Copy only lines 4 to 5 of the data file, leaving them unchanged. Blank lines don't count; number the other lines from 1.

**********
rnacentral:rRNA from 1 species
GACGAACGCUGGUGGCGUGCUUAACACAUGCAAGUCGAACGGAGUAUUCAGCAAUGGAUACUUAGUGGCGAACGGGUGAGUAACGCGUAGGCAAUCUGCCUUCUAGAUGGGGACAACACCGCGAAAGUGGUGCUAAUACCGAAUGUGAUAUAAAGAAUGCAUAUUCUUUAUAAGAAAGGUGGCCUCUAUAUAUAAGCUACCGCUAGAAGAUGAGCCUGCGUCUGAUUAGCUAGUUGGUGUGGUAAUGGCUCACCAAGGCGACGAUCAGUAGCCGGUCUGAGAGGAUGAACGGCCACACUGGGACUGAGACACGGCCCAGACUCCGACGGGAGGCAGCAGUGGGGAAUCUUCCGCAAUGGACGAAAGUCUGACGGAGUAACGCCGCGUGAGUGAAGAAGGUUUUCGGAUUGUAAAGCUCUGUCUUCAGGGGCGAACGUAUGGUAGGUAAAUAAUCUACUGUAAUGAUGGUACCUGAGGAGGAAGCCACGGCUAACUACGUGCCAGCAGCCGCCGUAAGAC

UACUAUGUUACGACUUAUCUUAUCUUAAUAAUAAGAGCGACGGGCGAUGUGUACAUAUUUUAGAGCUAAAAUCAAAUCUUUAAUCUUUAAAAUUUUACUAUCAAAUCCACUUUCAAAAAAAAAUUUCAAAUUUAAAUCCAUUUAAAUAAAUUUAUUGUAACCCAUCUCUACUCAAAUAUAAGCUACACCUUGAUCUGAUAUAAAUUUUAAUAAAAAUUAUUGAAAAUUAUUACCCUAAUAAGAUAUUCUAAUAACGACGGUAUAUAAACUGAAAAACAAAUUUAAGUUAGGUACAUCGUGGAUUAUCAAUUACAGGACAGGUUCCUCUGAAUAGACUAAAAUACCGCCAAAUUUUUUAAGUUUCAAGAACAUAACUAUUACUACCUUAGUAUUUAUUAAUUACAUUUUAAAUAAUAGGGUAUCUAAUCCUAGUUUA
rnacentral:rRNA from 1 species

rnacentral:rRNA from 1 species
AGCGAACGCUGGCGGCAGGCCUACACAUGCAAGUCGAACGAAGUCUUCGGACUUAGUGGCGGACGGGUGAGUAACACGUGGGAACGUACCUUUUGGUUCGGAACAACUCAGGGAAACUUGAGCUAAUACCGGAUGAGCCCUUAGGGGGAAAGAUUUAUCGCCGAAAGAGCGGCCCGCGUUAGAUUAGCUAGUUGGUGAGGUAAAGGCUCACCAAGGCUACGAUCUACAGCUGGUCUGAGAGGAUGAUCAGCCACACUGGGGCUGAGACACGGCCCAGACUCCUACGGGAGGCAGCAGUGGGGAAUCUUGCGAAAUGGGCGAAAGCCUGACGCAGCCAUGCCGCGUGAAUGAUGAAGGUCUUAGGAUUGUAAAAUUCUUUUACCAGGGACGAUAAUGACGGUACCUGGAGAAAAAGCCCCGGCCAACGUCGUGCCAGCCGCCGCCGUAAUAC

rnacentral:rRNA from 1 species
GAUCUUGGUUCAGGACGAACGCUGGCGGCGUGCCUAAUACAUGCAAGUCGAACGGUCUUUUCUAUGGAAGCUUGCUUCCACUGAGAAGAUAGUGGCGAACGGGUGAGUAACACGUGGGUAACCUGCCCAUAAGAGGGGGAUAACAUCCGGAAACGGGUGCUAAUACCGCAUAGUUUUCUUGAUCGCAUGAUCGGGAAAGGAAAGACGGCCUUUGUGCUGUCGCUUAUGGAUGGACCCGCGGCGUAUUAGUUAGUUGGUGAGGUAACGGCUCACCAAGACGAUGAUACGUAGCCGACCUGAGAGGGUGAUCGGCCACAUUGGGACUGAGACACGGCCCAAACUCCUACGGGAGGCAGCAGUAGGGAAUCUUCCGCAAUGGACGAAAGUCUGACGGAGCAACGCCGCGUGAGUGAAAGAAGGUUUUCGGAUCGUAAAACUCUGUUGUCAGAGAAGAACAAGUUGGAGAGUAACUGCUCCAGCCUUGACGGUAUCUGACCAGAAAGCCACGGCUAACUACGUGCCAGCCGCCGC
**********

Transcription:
rnacentral:rRNA from 1 species

rnacentral:rRNA from 1 species